An #international #outbreak of #Salmonella enterica serotype Enteritidis linked to #eggs from #Poland: a microbiological and epidemiological study (Lancet Infect Dis., abstract)

[Source: The Lancet Infectious Diseases, full page: (LINK). Abstract, edited.]

An international outbreak of Salmonella enterica serotype Enteritidis linked to eggs from Poland: a microbiological and epidemiological study

Roan Pijnacker, MSc  *, Timothy J Dallman, PhD *, Aloys S L Tijsma, PhD, Gillian Hawkins, MBChB, Lesley Larkin, BVSc, Saara M Kotila, MSc, Giusi Amore, PhD, Ettore Amato, PhD, Pamina M Suzuki, MSc, Sarah Denayer, PhD, Sofieke Klamer, MSc, Judit Pászti, Jacquelyn McCormick, MPH, Hassan Hartman, PhD, Gareth J Hughes, PhD, Lin C T Brandal, PhD, Derek Brown, MSc, Joël Mossong, PhD, Cecilia Jernberg, PhD, Luise Müller, MSc, Daniel Palm, PhD, Ettore Severi, MSc, Joannna Gołębiowska, DVM, Blaženka Hunjak, PhD, Slawomir Owczarek, MSc, Simon Le Hello, PhD, Patricia Garvey, PhD, Kirsten Mooijman, MSc, Ingrid H M Friesema, PhD, Coen van der Weijden, BSc, Menno van der Voort, PhD, Valentina Rizzi, PhD, Eelco Franz, PhD on behalf of theInternational Outbreak Investigation Team †

Published: May 24, 2019 / DOI: https://doi.org/10.1016/S1473-3099(19)30047-7

 

Summary

Background

Salmonella spp are a major cause of food-borne outbreaks in Europe. We investigated a large multi-country outbreak ofSalmonella enterica serotype Enteritidis in the EU and European Economic Area (EEA).

Methods

A confirmed case was defined as a laboratory-confirmed infection with the outbreak strains of S Enteritidis based on whole-genome sequencing (WGS), occurring between May 1, 2015, and Oct 31, 2018. A probable case was defined as laboratory-confirmed infection withS Enteritidis with the multiple-locus variable-number tandem repeat analysis outbreak profile. Multi-country epidemiological, trace-back, trace-forward, and environmental investigations were done. We did a case-control study including confirmed and probable cases and controls randomly sampled from the population registry (frequency matched by age, sex, and postal code). Odds ratios (ORs) for exposure rates between cases and controls were calculated with unmatched univariable and multivariable logistic regression.

Findings

18 EU and EEA countries reported 838 confirmed and 371 probable cases. 509 (42%) cases were reported in 2016, after which the number of cases steadily increased. The case-control study results showed that cases more often ate in food establishments than did controls (OR 3·4 [95% CI 1·6–7·3]), but no specific food item was identified. Recipe-based food trace-back investigations among cases who ate in food establishments identified eggs from Poland as the vehicle of infection in October, 2016. Phylogenetic analysis identified two strains of S Enteritidis in human cases that were subsequently identified in salmonella-positive eggs and primary production premises in Poland, confirming the source of the outbreak. After control measures were implemented, the number of cases decreased, but increased again in March, 2017, and the increase continued into 2018.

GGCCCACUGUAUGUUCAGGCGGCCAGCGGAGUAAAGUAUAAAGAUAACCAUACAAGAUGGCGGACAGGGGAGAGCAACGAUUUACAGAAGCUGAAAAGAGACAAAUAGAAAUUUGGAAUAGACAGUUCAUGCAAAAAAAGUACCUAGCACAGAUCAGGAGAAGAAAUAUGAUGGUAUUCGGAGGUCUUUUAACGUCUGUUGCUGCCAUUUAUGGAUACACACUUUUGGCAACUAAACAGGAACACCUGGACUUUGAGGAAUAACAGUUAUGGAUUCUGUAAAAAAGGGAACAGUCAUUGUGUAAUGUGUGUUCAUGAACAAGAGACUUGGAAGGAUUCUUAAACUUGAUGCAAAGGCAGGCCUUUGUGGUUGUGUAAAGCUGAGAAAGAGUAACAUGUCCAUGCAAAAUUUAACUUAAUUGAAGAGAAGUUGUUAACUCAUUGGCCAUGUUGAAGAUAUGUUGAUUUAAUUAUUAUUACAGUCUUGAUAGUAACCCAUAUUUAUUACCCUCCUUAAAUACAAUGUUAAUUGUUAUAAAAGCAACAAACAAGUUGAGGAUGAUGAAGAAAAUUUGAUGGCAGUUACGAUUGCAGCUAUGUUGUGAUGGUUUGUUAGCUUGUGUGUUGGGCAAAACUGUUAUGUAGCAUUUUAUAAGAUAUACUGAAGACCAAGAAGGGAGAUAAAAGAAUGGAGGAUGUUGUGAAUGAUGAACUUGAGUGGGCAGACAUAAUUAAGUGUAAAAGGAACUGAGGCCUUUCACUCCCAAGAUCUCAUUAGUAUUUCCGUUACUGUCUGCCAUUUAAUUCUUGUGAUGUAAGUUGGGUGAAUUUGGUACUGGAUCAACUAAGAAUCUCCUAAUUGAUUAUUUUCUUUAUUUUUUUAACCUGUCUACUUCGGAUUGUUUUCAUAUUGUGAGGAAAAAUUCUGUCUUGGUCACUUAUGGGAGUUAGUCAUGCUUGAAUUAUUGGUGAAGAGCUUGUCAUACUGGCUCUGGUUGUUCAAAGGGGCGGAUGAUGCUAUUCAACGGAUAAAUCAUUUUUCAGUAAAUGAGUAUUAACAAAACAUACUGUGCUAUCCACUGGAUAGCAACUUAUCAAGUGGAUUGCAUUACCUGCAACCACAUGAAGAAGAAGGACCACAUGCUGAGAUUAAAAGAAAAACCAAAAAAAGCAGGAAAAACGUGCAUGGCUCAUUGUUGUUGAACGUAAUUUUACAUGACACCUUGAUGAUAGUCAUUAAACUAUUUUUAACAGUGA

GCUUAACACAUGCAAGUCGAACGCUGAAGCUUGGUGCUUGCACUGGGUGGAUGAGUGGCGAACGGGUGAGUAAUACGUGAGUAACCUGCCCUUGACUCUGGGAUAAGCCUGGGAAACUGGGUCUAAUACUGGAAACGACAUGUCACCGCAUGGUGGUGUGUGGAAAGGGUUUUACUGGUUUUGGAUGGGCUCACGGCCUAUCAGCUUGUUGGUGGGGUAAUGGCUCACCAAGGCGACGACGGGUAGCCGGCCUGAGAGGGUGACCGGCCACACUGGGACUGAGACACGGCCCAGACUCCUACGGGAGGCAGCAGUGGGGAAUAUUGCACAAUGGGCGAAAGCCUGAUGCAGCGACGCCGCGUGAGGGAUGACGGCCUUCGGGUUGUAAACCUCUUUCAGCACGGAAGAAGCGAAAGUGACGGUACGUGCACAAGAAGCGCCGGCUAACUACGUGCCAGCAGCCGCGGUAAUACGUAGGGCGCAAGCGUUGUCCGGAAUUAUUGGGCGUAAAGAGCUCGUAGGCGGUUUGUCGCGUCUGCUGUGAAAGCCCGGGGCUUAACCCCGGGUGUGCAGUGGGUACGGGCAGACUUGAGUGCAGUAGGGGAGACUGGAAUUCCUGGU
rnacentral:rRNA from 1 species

Interpretation

This outbreak highlights the public health value of multi-country sharing of epidemiological, trace-back, and microbiological data. The re-emergence of cases suggests that outbreak strains have continued to enter the food chain, although changes in strain population dynamics and fewer cases indicate that control measures had some effect. Routine use of WGS in salmonella surveillance and outbreak response promises to identify and stop outbreaks in the future.

Funding

European Centre for Disease Prevention and Control; Directorate General for Health and Food Safety, European Commission; and National Public Health and Food Safety Institutes of the authors’ countries (see Acknowledgments for full list).

Keywords: Food Safety; EU; European Region; Samonella spp.

—–

#Salmonella harbouring the #mcr1 gene isolated from #food in #China between 2012 and 2016 (J Antimicrob Chemother., abstract)

[Source: Journal of Antimicrobial Chemotherapy, full page: (LINK). Abstract, edited.]

Salmonella harbouring the mcr-1 gene isolated from food in China between 2012 and 2016

Yujie Hu, Séamus Fanning, Xin Gan, Chang Liu, Scott Nguyen, Meimei Wang, Wei Wang, Tao Jiang, Jin Xu, Fengqin Li

Journal of Antimicrobial Chemotherapy, dky496, https://doi.org/10.1093/jac/dky496

Published: 02 January 2019

___

Sir,

In November 2015, plasmid-mediated transferable colistin resistance encoded by the mcr-1 gene in Escherichia coli and Klebsiella pneumonia isolates was reported in China with a high rate of in vitro horizontal transfer (10−1–10−3 cells per recipient cell by conjugation).1 At that time, the mcr-1 gene had already been identified in >30 countries across five continents, with novel mcr-2mcr-3mcr-4 and mcr-5 genes being reported subsequently.2–5 Recently, a surveillance study was performed on mainland China to investigate the prevalence of the mcr-1 gene in foodborne Salmonella isolates isolated from various food matrices and others collected…

Issue Section:  Research letter

© The Author(s) 2019. Published by Oxford University Press on behalf of the British Society for Antimicrobial Chemotherapy. All rights reserved. For permissions, please email: journals.permissions@oup.com.

This article is published and distributed under the terms of the Oxford University Press, Standard Journals Publication Model (https://academic.oup.com/journals/pages/open_access/funder_policies/chorus/standard_publication_model)